. The reopening of formal diplomatic relations between the Commonwealth and the Shèrá worldskein, and the subsequent reevaluation of trade and taxation laws, concerned them as much as it did Jani's bosses in the Merchants' Association.

I foresee busy times ahead for documents technicians
. Jani squinted as the rain pelted harder and thick fog wended around homes and down the empty street. Then a shadowed movement in the murky distance caught her eye; her stomach clenched as it always did when she saw a NorthPort Haárin. Their born-sect forebears had been Vynshàrau and Pathen, and the strains had remained undiluted. The approaching Haárin was rope-muscled, slender, and two meters tall. His yellow-orange skin, which screamed
jaundice
to humans, in idomeni reality marked the races that originated in Shèrá's desert regions.

It's only Genta
. Jani's anxiety subsided. The shuttle dealer
walked toward her with long, loose-limbed strides. His dark green overrobe clung wetly to his matching belted shirt and trousers, the hem catching on the fasteners of his knee-high boots. Clothing drenched, fine brown hair plastered to his scalp, the Haárin appeared completely at ease. With his narrow shoulders, age-grooved jowls, and wide-spaced yellow eyes, he bore more than a passing resemblance to a bored cheetah.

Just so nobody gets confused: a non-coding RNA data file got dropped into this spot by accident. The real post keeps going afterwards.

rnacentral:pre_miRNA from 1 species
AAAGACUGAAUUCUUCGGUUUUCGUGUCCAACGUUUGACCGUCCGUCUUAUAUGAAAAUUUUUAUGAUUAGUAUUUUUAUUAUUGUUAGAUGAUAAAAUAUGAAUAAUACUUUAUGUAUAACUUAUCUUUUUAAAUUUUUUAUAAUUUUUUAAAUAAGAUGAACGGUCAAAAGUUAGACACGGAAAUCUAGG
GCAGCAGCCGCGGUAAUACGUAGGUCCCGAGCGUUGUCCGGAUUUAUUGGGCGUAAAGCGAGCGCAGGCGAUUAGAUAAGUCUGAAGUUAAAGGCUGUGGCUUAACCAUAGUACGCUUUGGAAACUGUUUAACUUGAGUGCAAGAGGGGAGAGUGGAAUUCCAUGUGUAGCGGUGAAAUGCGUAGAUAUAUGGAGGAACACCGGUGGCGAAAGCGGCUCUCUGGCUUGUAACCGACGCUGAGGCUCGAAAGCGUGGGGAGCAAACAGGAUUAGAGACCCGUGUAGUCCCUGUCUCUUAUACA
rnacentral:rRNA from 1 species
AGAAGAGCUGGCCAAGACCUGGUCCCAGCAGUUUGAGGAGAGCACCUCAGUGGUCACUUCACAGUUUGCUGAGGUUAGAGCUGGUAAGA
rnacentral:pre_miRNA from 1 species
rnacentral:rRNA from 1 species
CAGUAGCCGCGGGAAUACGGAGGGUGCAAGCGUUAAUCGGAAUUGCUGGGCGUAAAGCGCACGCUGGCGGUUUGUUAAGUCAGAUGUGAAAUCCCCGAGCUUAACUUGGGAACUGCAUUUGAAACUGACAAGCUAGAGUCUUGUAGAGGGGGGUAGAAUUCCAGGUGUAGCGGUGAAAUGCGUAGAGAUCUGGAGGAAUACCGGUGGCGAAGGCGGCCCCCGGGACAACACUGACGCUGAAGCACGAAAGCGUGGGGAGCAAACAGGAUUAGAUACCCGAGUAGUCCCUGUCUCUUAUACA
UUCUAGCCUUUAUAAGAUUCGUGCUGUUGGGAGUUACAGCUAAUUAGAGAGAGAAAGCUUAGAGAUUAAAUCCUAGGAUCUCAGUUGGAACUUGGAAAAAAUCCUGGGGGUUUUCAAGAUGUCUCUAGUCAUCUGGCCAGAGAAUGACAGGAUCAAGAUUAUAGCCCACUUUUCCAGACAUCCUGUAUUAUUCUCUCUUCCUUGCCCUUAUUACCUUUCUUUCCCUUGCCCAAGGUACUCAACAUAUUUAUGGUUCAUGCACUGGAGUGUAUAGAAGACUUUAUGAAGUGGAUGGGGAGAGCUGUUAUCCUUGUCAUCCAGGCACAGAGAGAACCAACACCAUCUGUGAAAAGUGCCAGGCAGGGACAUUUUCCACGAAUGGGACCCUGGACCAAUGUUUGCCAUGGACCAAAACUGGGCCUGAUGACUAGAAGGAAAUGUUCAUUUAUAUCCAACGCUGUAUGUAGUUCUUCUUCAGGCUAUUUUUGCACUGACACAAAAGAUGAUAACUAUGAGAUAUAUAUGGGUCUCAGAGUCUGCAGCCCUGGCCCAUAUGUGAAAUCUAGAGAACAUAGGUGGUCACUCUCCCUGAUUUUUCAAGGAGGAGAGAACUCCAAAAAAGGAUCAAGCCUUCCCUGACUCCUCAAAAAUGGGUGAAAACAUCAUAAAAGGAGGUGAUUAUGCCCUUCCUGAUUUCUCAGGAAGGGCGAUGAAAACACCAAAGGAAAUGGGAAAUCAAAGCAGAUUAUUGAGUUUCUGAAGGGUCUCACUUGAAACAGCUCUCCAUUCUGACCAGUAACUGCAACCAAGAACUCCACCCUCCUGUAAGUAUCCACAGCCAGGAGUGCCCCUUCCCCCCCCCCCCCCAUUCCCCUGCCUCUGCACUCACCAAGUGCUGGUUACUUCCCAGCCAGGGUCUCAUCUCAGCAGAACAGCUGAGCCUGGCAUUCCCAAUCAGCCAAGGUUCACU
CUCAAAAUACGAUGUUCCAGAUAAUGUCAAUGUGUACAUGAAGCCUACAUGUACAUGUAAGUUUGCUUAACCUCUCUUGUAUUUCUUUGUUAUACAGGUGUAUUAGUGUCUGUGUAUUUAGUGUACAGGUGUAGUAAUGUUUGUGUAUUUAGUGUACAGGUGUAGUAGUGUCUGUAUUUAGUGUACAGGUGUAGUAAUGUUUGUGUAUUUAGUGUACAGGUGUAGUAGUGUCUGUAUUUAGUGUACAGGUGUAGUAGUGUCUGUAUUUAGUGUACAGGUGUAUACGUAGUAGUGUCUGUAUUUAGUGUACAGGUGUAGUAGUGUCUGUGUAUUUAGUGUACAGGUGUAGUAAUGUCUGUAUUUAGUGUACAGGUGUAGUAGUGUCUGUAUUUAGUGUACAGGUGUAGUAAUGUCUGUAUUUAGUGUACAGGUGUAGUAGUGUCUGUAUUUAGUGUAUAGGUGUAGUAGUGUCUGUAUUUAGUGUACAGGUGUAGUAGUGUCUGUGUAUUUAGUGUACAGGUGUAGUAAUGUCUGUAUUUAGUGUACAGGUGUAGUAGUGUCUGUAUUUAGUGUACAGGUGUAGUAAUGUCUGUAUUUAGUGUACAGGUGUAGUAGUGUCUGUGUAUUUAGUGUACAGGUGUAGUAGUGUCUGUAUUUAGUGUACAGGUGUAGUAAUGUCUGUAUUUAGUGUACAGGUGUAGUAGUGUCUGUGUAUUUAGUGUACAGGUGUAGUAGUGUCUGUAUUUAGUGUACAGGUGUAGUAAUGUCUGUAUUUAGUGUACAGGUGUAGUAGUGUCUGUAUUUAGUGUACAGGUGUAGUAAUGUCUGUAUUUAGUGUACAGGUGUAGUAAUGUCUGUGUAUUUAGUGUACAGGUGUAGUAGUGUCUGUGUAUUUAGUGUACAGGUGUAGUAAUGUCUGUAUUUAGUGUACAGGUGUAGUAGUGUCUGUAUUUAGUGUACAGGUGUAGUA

“Nìa Chaw-ree.” Genta crossed an arm over his chest in greeting. His right arm, palm facing inward. A sign of regard, if not respect. “You ar-re noth ath a holoVee, watching speeches? That is wher-re all idomeni ar-re, watching speeches.” The English words tumbled from barely moving lips, all trilled r's and fuzzed hard consonants. “Insthead, you ar-re her-re in the rain.”